Bradford City’s coach Terry Yorath, whose family was in the stand, ran onto the pitch to help evacuate people. Another player went into the office space to ensure there was nobody there. One fan put his jumper over a fellow supporter’s head to extinguish flames. Those who escaped were taken out of the ground to neighbouring homes and a pub, where a television screened World of Sport, which broadcast video recorded of the fire just an hour after it was filmed. There were many cases of heroism, with more than 50 people later receiving police awards or commendations for bravery.

The fire brigade arrived at the ground four minutes after they were initially alerted. However, the fire had consumed the stand entirely by that point. The fire brigade was already faced with huge flames and very dense smoke on arrival. As many supporters still required rescue from the stand, they were unable to immediately start fighting the source of the fire.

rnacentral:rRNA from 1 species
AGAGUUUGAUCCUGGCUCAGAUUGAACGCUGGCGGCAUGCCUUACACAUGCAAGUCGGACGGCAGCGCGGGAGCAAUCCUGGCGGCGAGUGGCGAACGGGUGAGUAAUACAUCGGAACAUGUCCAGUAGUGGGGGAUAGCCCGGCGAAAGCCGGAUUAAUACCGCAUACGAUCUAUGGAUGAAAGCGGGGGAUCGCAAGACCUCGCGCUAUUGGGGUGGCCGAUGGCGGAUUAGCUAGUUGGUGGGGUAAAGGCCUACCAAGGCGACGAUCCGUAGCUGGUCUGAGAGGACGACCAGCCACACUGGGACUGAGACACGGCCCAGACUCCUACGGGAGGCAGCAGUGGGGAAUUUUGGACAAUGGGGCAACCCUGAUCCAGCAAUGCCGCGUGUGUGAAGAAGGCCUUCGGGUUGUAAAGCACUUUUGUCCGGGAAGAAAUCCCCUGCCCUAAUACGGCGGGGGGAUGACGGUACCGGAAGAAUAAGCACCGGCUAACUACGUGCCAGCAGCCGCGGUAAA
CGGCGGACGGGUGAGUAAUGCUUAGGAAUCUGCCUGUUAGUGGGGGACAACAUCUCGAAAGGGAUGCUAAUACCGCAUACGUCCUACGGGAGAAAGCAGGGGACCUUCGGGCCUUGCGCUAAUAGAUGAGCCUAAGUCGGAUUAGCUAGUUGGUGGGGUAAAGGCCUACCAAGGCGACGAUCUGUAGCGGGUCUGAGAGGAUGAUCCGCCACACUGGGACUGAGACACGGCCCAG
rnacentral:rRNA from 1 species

The fire destroyed the main stand completely and left only burned seats, lamps and metal fences remaining. Within a few hours of the blaze starting, it was established that 56 people had been killed, many as a result of smoke inhalation, although some of them had survived until reaching the hospital.

What did the Bradford City Stadium Fire Change?

The Bradford City Stadium Fire led to rigid new safety standards in UK stadiums. This included the banning of new wooden grandstands. It was also a catalyst for the substantial redevelopment and the modernisation of many British football grounds. This changed many grounds across the country within the following thirty years. Bradford City continues to support the Bradford Burns Unit, at the University of Bradford, as its official charity.